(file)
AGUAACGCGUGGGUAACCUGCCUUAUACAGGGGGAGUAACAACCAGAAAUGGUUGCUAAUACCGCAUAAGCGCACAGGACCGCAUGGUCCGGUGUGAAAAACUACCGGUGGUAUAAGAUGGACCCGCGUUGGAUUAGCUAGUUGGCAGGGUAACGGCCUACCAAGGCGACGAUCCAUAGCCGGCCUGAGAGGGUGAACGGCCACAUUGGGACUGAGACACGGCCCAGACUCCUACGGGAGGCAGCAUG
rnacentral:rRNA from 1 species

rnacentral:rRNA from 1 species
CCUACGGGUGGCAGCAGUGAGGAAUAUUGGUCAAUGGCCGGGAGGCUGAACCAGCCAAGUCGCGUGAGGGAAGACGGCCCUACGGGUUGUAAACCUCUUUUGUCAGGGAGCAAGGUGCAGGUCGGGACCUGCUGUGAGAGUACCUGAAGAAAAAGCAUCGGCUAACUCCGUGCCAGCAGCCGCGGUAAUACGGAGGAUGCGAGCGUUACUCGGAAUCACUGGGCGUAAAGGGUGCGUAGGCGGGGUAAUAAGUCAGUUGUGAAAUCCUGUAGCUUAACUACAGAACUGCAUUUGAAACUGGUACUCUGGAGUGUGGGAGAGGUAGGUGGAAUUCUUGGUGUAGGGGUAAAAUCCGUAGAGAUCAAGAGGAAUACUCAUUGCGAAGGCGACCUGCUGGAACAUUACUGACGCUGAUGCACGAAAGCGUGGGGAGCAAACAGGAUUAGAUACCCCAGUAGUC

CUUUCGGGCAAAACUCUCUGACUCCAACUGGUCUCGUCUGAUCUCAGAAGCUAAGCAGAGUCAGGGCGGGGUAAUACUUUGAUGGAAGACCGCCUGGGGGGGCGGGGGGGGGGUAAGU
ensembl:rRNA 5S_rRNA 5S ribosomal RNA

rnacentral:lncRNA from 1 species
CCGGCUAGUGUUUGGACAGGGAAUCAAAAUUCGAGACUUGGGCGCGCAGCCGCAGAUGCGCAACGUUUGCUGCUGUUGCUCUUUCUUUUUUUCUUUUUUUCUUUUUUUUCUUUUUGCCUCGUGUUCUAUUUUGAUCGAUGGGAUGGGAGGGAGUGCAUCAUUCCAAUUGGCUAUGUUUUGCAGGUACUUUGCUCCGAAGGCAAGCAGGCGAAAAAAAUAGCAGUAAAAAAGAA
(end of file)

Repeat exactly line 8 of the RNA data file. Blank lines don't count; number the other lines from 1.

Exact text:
CCGGCUAGUGUUUGGACAGGGAAUCAAAAUUCGAGACUUGGGCGCGCAGCCGCAGAUGCGCAACGUUUGCUGCUGUUGCUCUUUCUUUUUUUCUUUUUUUCUUUUUUUUCUUUUUGCCUCGUGUUCUAUUUUGAUCGAUGGGAUGGGAGGGAGUGCAUCAUUCCAAUUGGCUAUGUUUUGCAGGUACUUUGCUCCGAAGGCAAGCAGGCGAAAAAAAUAGCAGUAAAAAAGAA